Naive implementation (not important to read)

In a practical implementation, one could first compute $G_{\theta,\eta}$ by backpropagation (cumbersome in PyTorch that usually only backpropagates from scalar tensors). With that, $n_\theta$ could be computed and assigned for the whole of $\theta$. This goes a bit against the modular and sequential style of auto-differentiation, that usually assigns gradients whenever leaf-variables of the computation graph are reached. Alternatively, it's possible to only compute just $(G_{\theta,\eta}^\intercal G_{\theta,\eta})^{-1} F_\eta^{-1}$ and multiply it in once the usual gradient descend reaches $g_\eta$. That lets the automatic differentiation system take it's usual way but it requires an additional backward pass.


The chain rule we found for $\theta$ and $\eta$ applies between any two variables occurring in a neural network, e.g. between the input&weights and the output both of the same single layer. This allows for the usual modularization of the backpropagation process.

Indeed, if this all would work out, each granular backward step in e.g. Pytorch could be transformed to use the "natural" chain rule instead of the usual one. (A gradient matrix of maximal rank would have to be ensured. If the matrix is of a Small$\times$Large shape instead of the Large$\times$Small shape as before, we have to use the property for linearly independent rows instead, which impedes the cancellation to the right of the Fisher-information-matrix in the above calculation. This is a serious problem for modularization but hopefully rare.) Of course a natural-gradient-mode would be a noticeable (but not prohibitive) more compute intensive and rely on the programmer to make sure that the innermost Fisher information $F_\eta^{-1}$ is computed and multiplied at the right place.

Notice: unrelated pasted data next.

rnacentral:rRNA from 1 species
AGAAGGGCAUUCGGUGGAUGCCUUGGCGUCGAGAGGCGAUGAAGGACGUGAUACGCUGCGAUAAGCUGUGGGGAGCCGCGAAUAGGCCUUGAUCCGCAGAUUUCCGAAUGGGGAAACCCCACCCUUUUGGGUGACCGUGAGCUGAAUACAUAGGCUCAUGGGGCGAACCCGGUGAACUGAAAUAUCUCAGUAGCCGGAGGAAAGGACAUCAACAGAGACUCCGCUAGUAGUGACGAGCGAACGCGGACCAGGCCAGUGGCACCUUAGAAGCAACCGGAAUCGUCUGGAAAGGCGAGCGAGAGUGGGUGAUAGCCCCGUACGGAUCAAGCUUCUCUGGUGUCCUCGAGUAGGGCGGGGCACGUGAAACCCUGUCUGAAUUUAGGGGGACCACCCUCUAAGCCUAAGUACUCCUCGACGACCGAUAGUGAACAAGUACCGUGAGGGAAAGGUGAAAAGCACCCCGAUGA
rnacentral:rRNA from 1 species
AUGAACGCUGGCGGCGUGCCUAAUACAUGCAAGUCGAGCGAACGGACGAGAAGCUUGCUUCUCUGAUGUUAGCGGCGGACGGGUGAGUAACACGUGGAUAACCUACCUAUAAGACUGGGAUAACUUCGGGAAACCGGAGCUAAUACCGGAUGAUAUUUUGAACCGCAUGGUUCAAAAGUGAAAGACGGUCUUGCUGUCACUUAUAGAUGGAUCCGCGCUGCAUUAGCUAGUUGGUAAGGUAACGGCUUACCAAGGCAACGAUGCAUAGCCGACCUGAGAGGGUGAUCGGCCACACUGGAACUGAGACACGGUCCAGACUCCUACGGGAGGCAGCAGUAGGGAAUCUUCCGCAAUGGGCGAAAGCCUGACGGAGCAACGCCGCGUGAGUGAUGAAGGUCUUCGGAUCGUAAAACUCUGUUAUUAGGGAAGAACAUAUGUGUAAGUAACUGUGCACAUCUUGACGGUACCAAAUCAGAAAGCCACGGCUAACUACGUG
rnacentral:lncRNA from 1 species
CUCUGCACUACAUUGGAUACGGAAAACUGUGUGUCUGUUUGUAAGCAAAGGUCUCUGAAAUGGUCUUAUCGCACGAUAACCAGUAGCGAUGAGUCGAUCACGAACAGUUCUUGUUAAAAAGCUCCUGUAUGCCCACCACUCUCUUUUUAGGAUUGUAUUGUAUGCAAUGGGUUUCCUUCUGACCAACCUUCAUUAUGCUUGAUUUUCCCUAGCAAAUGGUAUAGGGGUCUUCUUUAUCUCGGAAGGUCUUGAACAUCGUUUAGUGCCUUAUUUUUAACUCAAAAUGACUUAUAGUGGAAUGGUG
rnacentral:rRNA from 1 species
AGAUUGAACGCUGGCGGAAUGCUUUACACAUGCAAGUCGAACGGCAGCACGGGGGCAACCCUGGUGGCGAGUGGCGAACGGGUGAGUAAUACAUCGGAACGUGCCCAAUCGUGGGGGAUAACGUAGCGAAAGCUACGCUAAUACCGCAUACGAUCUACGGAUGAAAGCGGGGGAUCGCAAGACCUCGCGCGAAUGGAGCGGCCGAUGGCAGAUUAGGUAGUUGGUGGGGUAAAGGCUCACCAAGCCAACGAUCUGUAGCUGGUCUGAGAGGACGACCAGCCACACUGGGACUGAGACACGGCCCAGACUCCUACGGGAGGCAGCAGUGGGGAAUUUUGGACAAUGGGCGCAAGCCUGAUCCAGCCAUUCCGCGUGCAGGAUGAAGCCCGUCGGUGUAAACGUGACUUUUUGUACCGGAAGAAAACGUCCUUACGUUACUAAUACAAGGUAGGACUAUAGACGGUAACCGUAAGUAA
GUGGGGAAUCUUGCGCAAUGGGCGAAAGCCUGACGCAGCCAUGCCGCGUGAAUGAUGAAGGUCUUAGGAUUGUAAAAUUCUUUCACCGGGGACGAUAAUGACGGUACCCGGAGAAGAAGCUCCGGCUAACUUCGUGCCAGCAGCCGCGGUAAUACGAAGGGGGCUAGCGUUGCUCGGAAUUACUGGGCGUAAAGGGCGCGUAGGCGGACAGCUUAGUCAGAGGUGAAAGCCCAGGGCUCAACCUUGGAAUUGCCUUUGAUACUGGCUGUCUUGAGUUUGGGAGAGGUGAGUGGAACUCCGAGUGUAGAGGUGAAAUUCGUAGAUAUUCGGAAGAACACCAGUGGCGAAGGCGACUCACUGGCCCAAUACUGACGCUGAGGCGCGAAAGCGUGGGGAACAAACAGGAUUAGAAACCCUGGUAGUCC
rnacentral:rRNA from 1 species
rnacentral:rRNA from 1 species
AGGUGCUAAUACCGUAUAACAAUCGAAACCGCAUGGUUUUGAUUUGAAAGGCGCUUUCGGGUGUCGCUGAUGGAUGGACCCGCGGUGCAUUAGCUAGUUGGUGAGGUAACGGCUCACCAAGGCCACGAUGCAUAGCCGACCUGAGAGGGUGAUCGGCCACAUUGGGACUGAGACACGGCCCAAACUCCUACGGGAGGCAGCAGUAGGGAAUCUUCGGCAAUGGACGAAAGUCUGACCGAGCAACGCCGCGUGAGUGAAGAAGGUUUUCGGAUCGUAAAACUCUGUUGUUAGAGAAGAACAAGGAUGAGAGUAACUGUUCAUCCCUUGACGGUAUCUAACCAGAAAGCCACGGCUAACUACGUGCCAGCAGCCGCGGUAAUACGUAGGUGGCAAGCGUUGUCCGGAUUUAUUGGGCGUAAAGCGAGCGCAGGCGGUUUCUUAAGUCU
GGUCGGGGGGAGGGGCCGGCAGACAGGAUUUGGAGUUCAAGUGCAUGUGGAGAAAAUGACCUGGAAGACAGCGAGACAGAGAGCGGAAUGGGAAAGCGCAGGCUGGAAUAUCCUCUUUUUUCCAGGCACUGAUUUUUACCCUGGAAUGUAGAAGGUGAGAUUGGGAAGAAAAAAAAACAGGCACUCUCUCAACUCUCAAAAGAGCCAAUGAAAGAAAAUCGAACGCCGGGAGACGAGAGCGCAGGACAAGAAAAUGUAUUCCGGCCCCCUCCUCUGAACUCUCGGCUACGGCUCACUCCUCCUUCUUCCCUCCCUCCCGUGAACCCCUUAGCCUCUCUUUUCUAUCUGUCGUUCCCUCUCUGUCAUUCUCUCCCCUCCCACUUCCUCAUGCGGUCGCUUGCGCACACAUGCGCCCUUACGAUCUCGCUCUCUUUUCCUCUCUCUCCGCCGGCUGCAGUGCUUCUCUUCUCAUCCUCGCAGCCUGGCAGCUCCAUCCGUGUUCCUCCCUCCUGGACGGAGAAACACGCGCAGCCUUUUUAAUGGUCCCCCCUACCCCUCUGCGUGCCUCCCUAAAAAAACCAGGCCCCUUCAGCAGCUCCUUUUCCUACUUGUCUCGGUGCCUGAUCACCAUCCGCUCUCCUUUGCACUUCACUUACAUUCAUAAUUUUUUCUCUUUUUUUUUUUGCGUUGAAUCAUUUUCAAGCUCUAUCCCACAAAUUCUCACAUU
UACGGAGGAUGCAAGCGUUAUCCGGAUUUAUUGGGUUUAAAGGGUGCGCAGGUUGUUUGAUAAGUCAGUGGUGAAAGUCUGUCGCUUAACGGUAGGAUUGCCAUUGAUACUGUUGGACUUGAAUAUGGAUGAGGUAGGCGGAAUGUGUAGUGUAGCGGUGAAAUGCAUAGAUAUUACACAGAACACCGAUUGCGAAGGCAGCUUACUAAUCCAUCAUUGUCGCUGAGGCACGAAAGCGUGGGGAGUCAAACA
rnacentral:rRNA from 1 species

To give an example of the modular "natural gradient" computation: For a scalar multiplication $c=ab$, usually $\pmatrix{g_a\\g_b} = \pmatrix{b\\a} g_c = \pmatrix{bg_c\\ag_c}$ is computed in the backward pass. With the "natural" chain rule, $\pmatrix{n_a\\n_b} = \pmatrix{b\\a}\left(\pmatrix{b\\a}^\intercal\pmatrix{b\\a}\right)^{-1}n_c = \pmatrix{\frac{bn_c}{a^2+b^2}\\\frac{an_c}{a^2+b^2}}$ would be computed instead.

Maybe you understand why the prospect of an automatic "natural" differentiation excites me. (I've recently encountered a training issue that only natural gradients might be able to solve.). So where is my mistake?


1 Answer 1


I think the mistake is in the Moore-Penrose inverse. You need a full row rank on the left (not only a full rank, the full rank here corresponds to the smallest dimension and it is not enough) and a full column rank on the right, which you cannot also have for the same reason as before given the rectangular shape of the matrix G. Also F_eta is not invertible, as it has way too many zeros unless you put a loss function at each layer.

The correct formula of the Moore-Penrose inverse is a little bit longer, you can find formulas in some old paper from 20 or 30 years ago.